Read more from ERR News

FSB, the Russian Federal Security Service, has stated a different version of events in the case of the missing counterintelligence agent, saying they stopped a Estonian Internal Security Service (ISS) operation in the Pskov Oblast near the Estonian border, and arrested an ISS operative.

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Products meant for Russian market can be sold in Estonia

Russian-bound food turned back at the border can be sold in Estonia if special permission has been granted by the Veterinary and Food Board and the sale outlet is furnished with Estonian-language information, the agency’s director said. To this point no company has pursued this option.

“It is allowed in exceptional cases to market food packaged for the Russian market in Estonia, if a company needs to do so,” said Ago Pärtel, the director general of the Veterinary and Food Board, on ERR radio.

Meanwhile, Pärtel said, the agency has been sending out letters to far-flung markets to inquire about import requirements for milk products. The countries included Indonesia, Taiwan, Kenya and Tanzania.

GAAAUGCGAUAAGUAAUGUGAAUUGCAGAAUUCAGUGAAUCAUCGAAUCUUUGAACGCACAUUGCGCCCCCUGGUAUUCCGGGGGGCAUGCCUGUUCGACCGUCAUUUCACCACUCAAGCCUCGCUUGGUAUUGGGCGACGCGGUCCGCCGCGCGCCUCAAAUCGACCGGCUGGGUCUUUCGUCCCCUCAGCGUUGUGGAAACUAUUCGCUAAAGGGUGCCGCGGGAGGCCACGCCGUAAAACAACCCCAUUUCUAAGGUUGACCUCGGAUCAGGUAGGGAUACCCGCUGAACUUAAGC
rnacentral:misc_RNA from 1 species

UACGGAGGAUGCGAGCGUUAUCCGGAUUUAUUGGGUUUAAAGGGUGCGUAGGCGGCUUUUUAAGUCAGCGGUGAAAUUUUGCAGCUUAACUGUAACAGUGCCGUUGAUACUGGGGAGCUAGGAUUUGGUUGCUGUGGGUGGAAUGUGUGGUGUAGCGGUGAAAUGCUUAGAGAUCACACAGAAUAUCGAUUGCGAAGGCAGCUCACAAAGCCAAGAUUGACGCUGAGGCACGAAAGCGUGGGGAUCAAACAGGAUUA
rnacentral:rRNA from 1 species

Russian Prime Minister Dmitri Medvedev announced on August 7 that Russia would slap a one-year ban on all EU, US, Australian, Canadian and Norwegian meat, dairy and produce. In particular, the Estonian dairy and fishery sector could be heavily impacted.

Source: ERR News

Governemnt pledges to seek new export markets

With the Agriculture Ministry saying the EU is unlikely to decide support for sectors hit by Russian sanctions before September, Estonian officials and producers focused today on what the national government can do. The focus will lie on finding new markets and working with banks to secure more favorable terms for dairy farm investors.

Agriculture Minister Ivari Padar and Foreign Trade Anne Sulling said after meetings with lobby groups today that the sanctions were a political conflict between the EU and Russia and a united front would have to be agreed on the EU ministerial level. A meeting is due to take place in Brussels on Wednesday.

But domestic efforts will also be at center stage for now, with ministries pledging to work with banks to institute grace periods for dary farm investors and possibly to roll out more export subsidies in the 2015 state budget, Padar and Sulling said.

Farmers and milk producers said going into the meeting that they expect decisive action, including more direct subsidies and government intervention on milk prices.